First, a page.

During Expedition 362, sediments were recovered to a maximum depth of 1500 mbsf at Sites U1480 and U1481 on the Indian oceanic plate, ~250 km southwest of the subduction zone (Figure F1). A detailed description of the results can be found in the Site U1480 and Site U1481 chapters of the IODP Proceedings volume (McNeill et al., 2017c; McNeill et al., 2017d). The complete sedimentary section is composed of Late Cretaceous to recent deep-marine sedimentary cover, including an upper thick pile (0–1250.3 mbsf) of clastic Nicobar Fan sedimentation containing a range of siliciclastic turbidite deposits from sources in the Himalayan-derived Ganges-Brahmaputra river system, Indo-Burman range/West Burma, and Sunda forearc and arc (McNeill et al., 2017a; McNeill et al., 2017b; Pickering et al., 2020). The lower (1250.35–1349.8 mbsf) sedimentary sequence is dominated by pelagic sedimentation with significantly reduced sediment accumulation rates before calcareous claystones and chalks with intercalated magmatic intrusions (1349.8–1415.3 mbsf) mark the transition into the igneous basement starting at 1415.3 mbsf (McNeill et al., 2017a; McNeill et al., 2017b).
Additionally, we revisited the cores from ODP Legs 183, 121, 120, 119, 116, and 115 and DSDP Leg 22 to complement the tephra inventory of the Indian Ocean (Figure F1). Site 758 (Leg 121) is at the same position as Site U1443 (Expedition 353), whereas Sites 215 and 216 (Leg 22) are located toward the south, on or close to the Ninetyeast Ridge. Site 717 (Leg 116) samples the distal Bengal Fan 700 km south of Sri Lanka, and Site 211 (Leg 22) is positioned close to the Sunda Strait. Sites 706, 708, and 709 (Leg 115) are located in the southeastern part of the Indian Ocean close to the Seychelles, whereas Sites 737, 747, and 1138 (Legs 119, 120, and 183, respectively) and Sites 752 and 753 (Leg 121) were drilled in the central southern part of the Indian Ocean and targeted the Kerguelen Plateau and the Broken Ridge, respectively. All these sites contain a long-lasting (Quaternary and Tertiary) pelagic sedimentation consisting of nannofossil to diatom ooze with some terrestrial influences closer to islands or continents and interbedded traces of volcanic eruptions (Coffin et al., 2000; Peirce et al., 1989; Schlich et al., 1989; Barron et al., 1989; Backman et al., 1988).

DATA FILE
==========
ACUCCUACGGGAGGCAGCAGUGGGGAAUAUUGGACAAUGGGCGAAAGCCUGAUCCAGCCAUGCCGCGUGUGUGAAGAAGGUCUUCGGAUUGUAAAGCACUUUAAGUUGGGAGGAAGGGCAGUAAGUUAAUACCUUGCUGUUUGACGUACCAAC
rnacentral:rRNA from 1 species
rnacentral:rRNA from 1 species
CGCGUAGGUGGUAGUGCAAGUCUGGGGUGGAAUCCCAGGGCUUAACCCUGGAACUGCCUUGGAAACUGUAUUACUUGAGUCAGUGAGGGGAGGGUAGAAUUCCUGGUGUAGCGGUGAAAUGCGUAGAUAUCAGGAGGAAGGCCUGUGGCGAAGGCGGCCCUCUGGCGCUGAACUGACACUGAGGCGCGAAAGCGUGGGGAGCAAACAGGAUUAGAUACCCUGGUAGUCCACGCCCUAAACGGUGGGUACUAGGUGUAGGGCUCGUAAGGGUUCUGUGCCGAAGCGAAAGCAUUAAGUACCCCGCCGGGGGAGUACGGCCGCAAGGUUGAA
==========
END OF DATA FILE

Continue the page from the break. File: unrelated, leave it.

Shipboard visual core descriptions are used to identify intervals of interest indicating possible discrete ash layers (McNeill et al., 2017b; Clemens et al., 2016; France-Lanord et al., 2016; Shipboard Scientific Party, 1974; Peirce et al., 1989; Cochran et al., 1989, Coffin et al., 2000; Schlich et al., 1989; Barron et al., 1989; Backman et al., 1988). The archive-half sections of the sediment cores were visually described for lithologic and sedimentary features aided by 20× wide-field hand lens and binocular microscope. Visual inspection and smear slide analysis yielded information about variations in lithologic components, color, sedimentary structures, and occasionally drilling disturbances. Lithologic components comprise tephra particles (glass and minerals) as well as various rock fragments and microfossils. Samples of discrete ash layers were taken from the working halves during Expedition 362, the Expedition 353 sampling party, or additional personal visits to Kochi Core Center using the standard plastic 10 cm3 scoop and tube containers.